Community and school district leaders are optimistic about what the refinery might bring to West Rusk County Consolidated ISD as well as New London.

Toler said that the new refinery will put into the area money that is desperately needed, and the West Rusk district will fall into the category of places like Tatum ISD, where the tax base really becomes strong.

“The thing that I see in this area is influx of money,” he said. “The ability to provide for kids should bring some to the area, but you see very few housing developments here. People who are there have been here. It’s not a turnover type situation.”

He added, “I just see the school becoming a diamond in the rough out here. If it was the subsidiary industry, that would service the refinery and they would be bringing people in, but I don’t see that right off the bat.”

Toler said being that diamond means West Rusk County Consolidated ISD will be able to get the top teachers, the top administrators and be able to offer a curriculum they’re not able to offer currently. Plus, he said it will be able to provide the exterior facilities needed to accommodate that.

“We’re just hoping with the refinery, our story we’re keeping alive here (at the museum) will continue,” he said.

Superintendent Tommy Alexander has known the refinery project was a possibility since December 2011 when he got a call from Ken Williams, president and owner of Gregg County Refining.

“It took a good five minutes to realize someone wasn’t playing a joke,” Alexander said. “The thing he was throwing out was overwhelming.”

Williams said Gregg County Refining looked at various locations for the project and found an extremely supportive community that has “opened their arms” to the effort.

He also noted that the future refinery site sits right in the middle of the East Texas oil field, where there it a lot of available crude oil and natural gas.

Within an hour drive of the site there is a very qualified, skilled labor force that would bring in people from Tyler down to Lufkin and even Shreveport, La., Williams said.

Most workers will live in their hometown and drive back and forth to the project site, he said, while others will rent residences in the local community or bring recreational vehicles or motor homes.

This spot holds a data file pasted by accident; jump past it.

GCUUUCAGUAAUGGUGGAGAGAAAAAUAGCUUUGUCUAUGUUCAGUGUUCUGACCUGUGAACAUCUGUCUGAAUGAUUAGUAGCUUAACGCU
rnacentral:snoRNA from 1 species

“These are real people. These guys work for a living and they want to do a good job,” he said, adding that he has experience upgrading a refinery and moving refinery equipment.

“What we’re producing is only a small percentage of the market in that area. There is just not a problem disposing of those products. We (also) had the equipment, and we have the know-how to do that.”

Construction activities are expected to start later this year and be completed within 24 months.

In the meantime, West Rusk County Consolidated ISD continues to move forward with a bond issue that voters approved in November.

The district’s bond, which will not exceed $15 million, will fund renovations to the existing cafeteria, a new multipurpose events center, a new football/track stadium and a new cafeteria.

Alexander said the district, which has more than 900 students enrolled, is within three weeks of being completely finished with the stadium.

The only thing that won’t be ready at the stadium this fall is a concession stand, he said. However, concessions are slated to be sold under the bleachers during the district’s four home games.

Stadium construction will be followed by construction of the new cafeteria, then converting the current cafeteria into six kindergarten classrooms, along with bathrooms and hallways.

By August 2013, the plan is to move into the new multipurpose building, which features a gym and a separate wing for sixth grade, the new cafeteria and the renovated cafeteria.

Alexander said the idea for West Rusk County Consolidated ISD is to have small bond elections every two to three years. The district also has made a list of things that will likely become part of a long-term or strategic plan, such as additional buildings and benefits for employees.